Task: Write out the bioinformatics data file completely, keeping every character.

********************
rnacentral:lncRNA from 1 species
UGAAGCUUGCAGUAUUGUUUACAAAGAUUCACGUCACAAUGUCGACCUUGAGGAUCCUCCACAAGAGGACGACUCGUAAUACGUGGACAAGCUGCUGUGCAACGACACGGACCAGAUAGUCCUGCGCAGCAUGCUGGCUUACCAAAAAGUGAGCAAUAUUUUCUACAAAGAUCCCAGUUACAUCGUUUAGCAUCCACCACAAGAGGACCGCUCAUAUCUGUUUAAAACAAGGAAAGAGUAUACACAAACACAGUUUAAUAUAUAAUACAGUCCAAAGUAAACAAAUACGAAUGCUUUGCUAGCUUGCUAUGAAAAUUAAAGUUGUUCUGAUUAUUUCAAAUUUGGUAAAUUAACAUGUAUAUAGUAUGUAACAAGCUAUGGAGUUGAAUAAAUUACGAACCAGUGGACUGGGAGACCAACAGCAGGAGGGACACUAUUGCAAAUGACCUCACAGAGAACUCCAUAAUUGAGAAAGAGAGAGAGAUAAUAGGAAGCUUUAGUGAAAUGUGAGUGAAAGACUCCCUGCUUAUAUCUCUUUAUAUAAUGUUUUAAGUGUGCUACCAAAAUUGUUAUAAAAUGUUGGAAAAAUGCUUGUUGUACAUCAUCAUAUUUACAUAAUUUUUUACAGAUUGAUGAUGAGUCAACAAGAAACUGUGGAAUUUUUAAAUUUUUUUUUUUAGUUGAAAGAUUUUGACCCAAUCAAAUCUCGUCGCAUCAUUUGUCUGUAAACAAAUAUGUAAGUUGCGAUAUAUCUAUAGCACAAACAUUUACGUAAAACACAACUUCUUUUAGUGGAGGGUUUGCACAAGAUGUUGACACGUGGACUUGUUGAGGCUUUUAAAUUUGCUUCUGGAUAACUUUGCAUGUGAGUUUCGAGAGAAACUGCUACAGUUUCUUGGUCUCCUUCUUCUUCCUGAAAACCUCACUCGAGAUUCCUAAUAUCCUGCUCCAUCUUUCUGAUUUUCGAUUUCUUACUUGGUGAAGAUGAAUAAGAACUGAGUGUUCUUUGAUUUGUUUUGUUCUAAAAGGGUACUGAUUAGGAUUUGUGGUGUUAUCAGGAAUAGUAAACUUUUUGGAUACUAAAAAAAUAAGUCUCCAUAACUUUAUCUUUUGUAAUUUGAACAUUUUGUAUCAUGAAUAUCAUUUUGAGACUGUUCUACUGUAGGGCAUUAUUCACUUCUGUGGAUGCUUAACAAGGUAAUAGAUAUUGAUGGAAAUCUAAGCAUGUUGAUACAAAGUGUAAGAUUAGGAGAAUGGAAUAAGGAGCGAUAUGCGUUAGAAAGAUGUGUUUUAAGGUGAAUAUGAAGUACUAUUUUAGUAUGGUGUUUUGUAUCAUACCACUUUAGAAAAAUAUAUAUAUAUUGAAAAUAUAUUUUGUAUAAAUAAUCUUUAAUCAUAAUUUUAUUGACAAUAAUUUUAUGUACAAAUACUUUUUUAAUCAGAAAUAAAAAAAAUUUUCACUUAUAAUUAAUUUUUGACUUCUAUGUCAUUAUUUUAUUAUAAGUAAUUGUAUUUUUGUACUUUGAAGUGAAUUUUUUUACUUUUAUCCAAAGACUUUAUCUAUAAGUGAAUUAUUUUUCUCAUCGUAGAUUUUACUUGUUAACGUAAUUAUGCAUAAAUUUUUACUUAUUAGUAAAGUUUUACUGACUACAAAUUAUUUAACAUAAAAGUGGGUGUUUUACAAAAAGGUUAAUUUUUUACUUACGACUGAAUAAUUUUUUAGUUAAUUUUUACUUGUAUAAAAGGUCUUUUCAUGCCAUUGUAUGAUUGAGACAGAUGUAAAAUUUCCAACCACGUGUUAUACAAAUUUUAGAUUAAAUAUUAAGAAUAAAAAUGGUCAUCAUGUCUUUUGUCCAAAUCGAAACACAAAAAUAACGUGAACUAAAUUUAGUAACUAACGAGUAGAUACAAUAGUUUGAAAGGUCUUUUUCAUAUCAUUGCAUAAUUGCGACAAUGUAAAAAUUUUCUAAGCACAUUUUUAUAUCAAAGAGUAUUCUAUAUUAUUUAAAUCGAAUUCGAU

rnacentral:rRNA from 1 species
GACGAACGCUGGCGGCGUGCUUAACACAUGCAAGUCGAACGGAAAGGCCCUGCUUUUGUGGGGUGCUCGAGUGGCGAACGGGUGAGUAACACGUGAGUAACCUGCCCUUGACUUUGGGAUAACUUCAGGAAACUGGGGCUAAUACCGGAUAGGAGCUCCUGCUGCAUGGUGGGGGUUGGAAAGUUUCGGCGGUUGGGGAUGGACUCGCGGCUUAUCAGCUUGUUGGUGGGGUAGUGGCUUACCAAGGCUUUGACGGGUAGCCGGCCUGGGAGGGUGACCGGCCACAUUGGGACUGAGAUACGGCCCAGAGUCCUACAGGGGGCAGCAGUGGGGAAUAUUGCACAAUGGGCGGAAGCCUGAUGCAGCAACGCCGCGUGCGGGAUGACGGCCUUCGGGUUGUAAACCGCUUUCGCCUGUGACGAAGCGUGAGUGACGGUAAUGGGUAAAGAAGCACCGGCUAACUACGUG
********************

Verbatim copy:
rnacentral:lncRNA from 1 species
UGAAGCUUGCAGUAUUGUUUACAAAGAUUCACGUCACAAUGUCGACCUUGAGGAUCCUCCACAAGAGGACGACUCGUAAUACGUGGACAAGCUGCUGUGCAACGACACGGACCAGAUAGUCCUGCGCAGCAUGCUGGCUUACCAAAAAGUGAGCAAUAUUUUCUACAAAGAUCCCAGUUACAUCGUUUAGCAUCCACCACAAGAGGACCGCUCAUAUCUGUUUAAAACAAGGAAAGAGUAUACACAAACACAGUUUAAUAUAUAAUACAGUCCAAAGUAAACAAAUACGAAUGCUUUGCUAGCUUGCUAUGAAAAUUAAAGUUGUUCUGAUUAUUUCAAAUUUGGUAAAUUAACAUGUAUAUAGUAUGUAACAAGCUAUGGAGUUGAAUAAAUUACGAACCAGUGGACUGGGAGACCAACAGCAGGAGGGACACUAUUGCAAAUGACCUCACAGAGAACUCCAUAAUUGAGAAAGAGAGAGAGAUAAUAGGAAGCUUUAGUGAAAUGUGAGUGAAAGACUCCCUGCUUAUAUCUCUUUAUAUAAUGUUUUAAGUGUGCUACCAAAAUUGUUAUAAAAUGUUGGAAAAAUGCUUGUUGUACAUCAUCAUAUUUACAUAAUUUUUUACAGAUUGAUGAUGAGUCAACAAGAAACUGUGGAAUUUUUAAAUUUUUUUUUUUAGUUGAAAGAUUUUGACCCAAUCAAAUCUCGUCGCAUCAUUUGUCUGUAAACAAAUAUGUAAGUUGCGAUAUAUCUAUAGCACAAACAUUUACGUAAAACACAACUUCUUUUAGUGGAGGGUUUGCACAAGAUGUUGACACGUGGACUUGUUGAGGCUUUUAAAUUUGCUUCUGGAUAACUUUGCAUGUGAGUUUCGAGAGAAACUGCUACAGUUUCUUGGUCUCCUUCUUCUUCCUGAAAACCUCACUCGAGAUUCCUAAUAUCCUGCUCCAUCUUUCUGAUUUUCGAUUUCUUACUUGGUGAAGAUGAAUAAGAACUGAGUGUUCUUUGAUUUGUUUUGUUCUAAAAGGGUACUGAUUAGGAUUUGUGGUGUUAUCAGGAAUAGUAAACUUUUUGGAUACUAAAAAAAUAAGUCUCCAUAACUUUAUCUUUUGUAAUUUGAACAUUUUGUAUCAUGAAUAUCAUUUUGAGACUGUUCUACUGUAGGGCAUUAUUCACUUCUGUGGAUGCUUAACAAGGUAAUAGAUAUUGAUGGAAAUCUAAGCAUGUUGAUACAAAGUGUAAGAUUAGGAGAAUGGAAUAAGGAGCGAUAUGCGUUAGAAAGAUGUGUUUUAAGGUGAAUAUGAAGUACUAUUUUAGUAUGGUGUUUUGUAUCAUACCACUUUAGAAAAAUAUAUAUAUAUUGAAAAUAUAUUUUGUAUAAAUAAUCUUUAAUCAUAAUUUUAUUGACAAUAAUUUUAUGUACAAAUACUUUUUUAAUCAGAAAUAAAAAAAAUUUUCACUUAUAAUUAAUUUUUGACUUCUAUGUCAUUAUUUUAUUAUAAGUAAUUGUAUUUUUGUACUUUGAAGUGAAUUUUUUUACUUUUAUCCAAAGACUUUAUCUAUAAGUGAAUUAUUUUUCUCAUCGUAGAUUUUACUUGUUAACGUAAUUAUGCAUAAAUUUUUACUUAUUAGUAAAGUUUUACUGACUACAAAUUAUUUAACAUAAAAGUGGGUGUUUUACAAAAAGGUUAAUUUUUUACUUACGACUGAAUAAUUUUUUAGUUAAUUUUUACUUGUAUAAAAGGUCUUUUCAUGCCAUUGUAUGAUUGAGACAGAUGUAAAAUUUCCAACCACGUGUUAUACAAAUUUUAGAUUAAAUAUUAAGAAUAAAAAUGGUCAUCAUGUCUUUUGUCCAAAUCGAAACACAAAAAUAACGUGAACUAAAUUUAGUAACUAACGAGUAGAUACAAUAGUUUGAAAGGUCUUUUUCAUAUCAUUGCAUAAUUGCGACAAUGUAAAAAUUUUCUAAGCACAUUUUUAUAUCAAAGAGUAUUCUAUAUUAUUUAAAUCGAAUUCGAU

rnacentral:rRNA from 1 species
GACGAACGCUGGCGGCGUGCUUAACACAUGCAAGUCGAACGGAAAGGCCCUGCUUUUGUGGGGUGCUCGAGUGGCGAACGGGUGAGUAACACGUGAGUAACCUGCCCUUGACUUUGGGAUAACUUCAGGAAACUGGGGCUAAUACCGGAUAGGAGCUCCUGCUGCAUGGUGGGGGUUGGAAAGUUUCGGCGGUUGGGGAUGGACUCGCGGCUUAUCAGCUUGUUGGUGGGGUAGUGGCUUACCAAGGCUUUGACGGGUAGCCGGCCUGGGAGGGUGACCGGCCACAUUGGGACUGAGAUACGGCCCAGAGUCCUACAGGGGGCAGCAGUGGGGAAUAUUGCACAAUGGGCGGAAGCCUGAUGCAGCAACGCCGCGUGCGGGAUGACGGCCUUCGGGUUGUAAACCGCUUUCGCCUGUGACGAAGCGUGAGUGACGGUAAUGGGUAAAGAAGCACCGGCUAACUACGUG